Lindi Ortega‘s Tin Star, and Austin Lucas‘s Stay Reckless are both valiant efforts that very easily could have made this list of candidates if it was stretched out a little farther, but something tells me you might see these names on the Best Songs list coming up shortly. Jayke Orvis‘s Bless This Mess, Valerie June‘s Pushin Against A Stone, and Eric Strickland‘s I’m Bad For You were also right on the bubble, and so was The White Buffalo‘s Shadows, Greys, and Evil Ways, and you will see these albums and many more on the much more expansive “Essential Albums” list that is coming up shortly. So if you don’t see an album you love, don’t freak out, it still may be up for an end-of-year distinction yet.
Audience participation is strongly encouraged, and will influence the outcome. Leave your opinions, write-in candidates, or other observations or opinions below in the comments section. This is not simply an up and down vote though. I make the final decision, so it is your job to convince me why the album you feel deserves to win is the right pick.
Caitlin Rose – The Stand-In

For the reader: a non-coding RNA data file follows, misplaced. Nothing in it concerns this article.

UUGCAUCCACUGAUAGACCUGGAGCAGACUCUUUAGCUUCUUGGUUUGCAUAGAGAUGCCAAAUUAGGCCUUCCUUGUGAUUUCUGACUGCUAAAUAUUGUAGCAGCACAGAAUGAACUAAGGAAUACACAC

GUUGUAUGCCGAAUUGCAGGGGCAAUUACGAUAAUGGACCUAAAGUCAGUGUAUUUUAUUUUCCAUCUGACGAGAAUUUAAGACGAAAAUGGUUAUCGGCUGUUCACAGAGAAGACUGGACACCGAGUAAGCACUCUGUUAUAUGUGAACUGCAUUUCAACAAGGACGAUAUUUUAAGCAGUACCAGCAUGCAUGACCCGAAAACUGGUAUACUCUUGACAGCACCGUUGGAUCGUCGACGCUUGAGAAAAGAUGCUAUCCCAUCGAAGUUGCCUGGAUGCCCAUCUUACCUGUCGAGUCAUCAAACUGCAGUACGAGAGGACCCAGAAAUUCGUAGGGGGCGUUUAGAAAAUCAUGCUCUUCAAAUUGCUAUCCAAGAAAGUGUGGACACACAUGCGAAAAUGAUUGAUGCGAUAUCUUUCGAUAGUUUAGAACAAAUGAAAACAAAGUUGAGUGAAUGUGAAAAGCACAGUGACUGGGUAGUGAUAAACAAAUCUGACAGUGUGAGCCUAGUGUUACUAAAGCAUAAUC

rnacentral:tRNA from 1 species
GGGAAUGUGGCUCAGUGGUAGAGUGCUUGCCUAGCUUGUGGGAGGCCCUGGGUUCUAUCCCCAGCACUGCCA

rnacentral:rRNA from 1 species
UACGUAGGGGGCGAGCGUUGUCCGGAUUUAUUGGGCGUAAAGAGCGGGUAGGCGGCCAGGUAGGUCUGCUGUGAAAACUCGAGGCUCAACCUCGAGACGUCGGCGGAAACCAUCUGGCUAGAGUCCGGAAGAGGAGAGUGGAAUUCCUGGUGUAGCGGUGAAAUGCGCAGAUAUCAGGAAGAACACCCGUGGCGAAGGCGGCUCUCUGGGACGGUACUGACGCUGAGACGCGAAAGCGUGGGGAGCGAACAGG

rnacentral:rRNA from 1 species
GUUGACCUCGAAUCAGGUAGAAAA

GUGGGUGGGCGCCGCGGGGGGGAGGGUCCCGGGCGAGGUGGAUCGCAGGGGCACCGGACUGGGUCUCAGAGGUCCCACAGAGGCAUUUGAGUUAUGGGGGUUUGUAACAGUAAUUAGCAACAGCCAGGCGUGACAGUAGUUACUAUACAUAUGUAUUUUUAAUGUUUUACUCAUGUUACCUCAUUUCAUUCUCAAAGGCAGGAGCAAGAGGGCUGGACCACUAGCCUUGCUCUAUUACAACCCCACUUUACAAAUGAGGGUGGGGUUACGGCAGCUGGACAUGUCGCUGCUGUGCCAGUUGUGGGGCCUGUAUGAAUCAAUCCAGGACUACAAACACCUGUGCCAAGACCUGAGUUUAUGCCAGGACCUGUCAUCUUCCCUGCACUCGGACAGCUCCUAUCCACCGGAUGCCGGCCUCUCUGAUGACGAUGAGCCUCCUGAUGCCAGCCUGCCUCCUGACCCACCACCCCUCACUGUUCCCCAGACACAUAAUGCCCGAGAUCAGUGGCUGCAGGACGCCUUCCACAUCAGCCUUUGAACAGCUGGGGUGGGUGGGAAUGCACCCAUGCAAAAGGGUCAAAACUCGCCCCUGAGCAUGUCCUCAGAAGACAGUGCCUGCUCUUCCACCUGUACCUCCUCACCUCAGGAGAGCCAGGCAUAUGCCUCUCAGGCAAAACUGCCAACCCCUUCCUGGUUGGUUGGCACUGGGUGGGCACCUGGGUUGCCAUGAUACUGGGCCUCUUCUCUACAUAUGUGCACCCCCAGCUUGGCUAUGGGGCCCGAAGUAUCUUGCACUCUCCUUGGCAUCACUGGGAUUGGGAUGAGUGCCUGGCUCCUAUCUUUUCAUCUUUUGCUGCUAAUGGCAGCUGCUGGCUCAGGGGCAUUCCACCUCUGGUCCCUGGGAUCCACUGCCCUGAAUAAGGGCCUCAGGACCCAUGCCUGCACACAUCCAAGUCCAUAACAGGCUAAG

2013 is the Year of the Woman, and the Year of the Songwriter in country music, and this puts one Caitlin Rose right in the sweet spot of the relevancy arch. What elevates The Stand-In to “Album of the Year” status is that her songwriting deftly avoids all the well-worn grooves and modes that many songwriters tend to lean on when looking for ideas and inspiration. Also, whether The Stand-In wins or not, this is the most well-produced album of 2013. The production squeezes every bit of potential out of every song just as classic albums like The Beatles Rubber Soul and Fleetwood Mac’s Rumors do.
“Ladies and gentlemen, Caitlin Rose has arrived. It may take some time for the rest of the world to wake up to this realization. But they will. The strength of ‘The Stand-In’ assures it. The Stand-In is frighteningly good. It’s an enterprise in the evocation of rich human emotions, interwoven with delicious hooks and intelligent riffs, stirring vocal performances delivering meaningful, elevated lyricism, and a towering production performance that may go down in the history books. Just simply… Wow.” (read full review)
Sturgill Simpson – High Top Mountain